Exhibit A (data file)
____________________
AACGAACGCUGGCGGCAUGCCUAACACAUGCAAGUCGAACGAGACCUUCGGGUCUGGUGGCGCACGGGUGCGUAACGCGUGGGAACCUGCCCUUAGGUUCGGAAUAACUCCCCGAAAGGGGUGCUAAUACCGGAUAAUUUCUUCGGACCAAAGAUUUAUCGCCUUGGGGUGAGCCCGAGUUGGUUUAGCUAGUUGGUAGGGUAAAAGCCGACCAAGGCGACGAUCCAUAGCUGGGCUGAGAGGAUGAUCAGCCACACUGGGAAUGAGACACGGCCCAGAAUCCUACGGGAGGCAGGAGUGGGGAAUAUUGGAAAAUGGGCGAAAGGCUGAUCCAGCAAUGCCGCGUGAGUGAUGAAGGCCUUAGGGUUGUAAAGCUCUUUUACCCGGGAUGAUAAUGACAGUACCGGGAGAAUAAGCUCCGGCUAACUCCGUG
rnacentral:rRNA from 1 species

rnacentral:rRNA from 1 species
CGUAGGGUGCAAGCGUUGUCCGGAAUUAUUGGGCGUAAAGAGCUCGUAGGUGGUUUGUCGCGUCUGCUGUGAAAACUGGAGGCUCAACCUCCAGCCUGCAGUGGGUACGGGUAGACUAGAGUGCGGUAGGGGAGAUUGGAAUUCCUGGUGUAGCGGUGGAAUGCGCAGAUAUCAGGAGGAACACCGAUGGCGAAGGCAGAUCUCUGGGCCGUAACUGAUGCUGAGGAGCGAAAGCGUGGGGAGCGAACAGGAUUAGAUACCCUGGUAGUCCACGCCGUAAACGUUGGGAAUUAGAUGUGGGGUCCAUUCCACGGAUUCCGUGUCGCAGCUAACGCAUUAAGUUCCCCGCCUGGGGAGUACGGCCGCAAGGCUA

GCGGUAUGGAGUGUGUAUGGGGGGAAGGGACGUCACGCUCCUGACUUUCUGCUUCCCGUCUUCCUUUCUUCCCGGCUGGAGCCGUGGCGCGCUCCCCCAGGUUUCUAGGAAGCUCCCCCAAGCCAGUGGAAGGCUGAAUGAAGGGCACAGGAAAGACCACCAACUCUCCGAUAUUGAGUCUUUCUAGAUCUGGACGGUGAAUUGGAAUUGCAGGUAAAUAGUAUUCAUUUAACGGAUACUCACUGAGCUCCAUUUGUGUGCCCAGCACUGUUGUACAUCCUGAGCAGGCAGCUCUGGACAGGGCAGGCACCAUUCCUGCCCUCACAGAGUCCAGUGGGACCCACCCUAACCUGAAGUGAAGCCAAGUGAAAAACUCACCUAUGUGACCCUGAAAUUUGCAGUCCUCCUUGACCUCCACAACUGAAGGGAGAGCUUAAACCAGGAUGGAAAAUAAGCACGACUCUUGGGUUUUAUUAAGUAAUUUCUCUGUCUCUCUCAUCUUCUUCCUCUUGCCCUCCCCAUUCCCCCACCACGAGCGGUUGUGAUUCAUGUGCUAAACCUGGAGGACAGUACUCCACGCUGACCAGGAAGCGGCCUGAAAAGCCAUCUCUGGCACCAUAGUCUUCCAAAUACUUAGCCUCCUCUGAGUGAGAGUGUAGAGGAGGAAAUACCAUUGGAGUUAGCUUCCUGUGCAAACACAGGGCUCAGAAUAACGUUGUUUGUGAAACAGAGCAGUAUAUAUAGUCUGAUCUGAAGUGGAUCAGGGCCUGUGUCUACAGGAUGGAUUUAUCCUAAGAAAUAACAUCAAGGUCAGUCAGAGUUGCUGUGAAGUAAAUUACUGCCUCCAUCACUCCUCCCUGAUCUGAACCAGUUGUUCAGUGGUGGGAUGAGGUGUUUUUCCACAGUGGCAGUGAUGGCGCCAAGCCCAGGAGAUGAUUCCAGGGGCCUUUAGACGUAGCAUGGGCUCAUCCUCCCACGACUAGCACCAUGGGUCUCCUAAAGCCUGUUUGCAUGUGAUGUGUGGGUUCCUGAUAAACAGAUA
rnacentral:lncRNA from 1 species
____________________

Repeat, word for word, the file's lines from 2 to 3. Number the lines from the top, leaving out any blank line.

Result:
rnacentral:rRNA from 1 species

rnacentral:rRNA from 1 species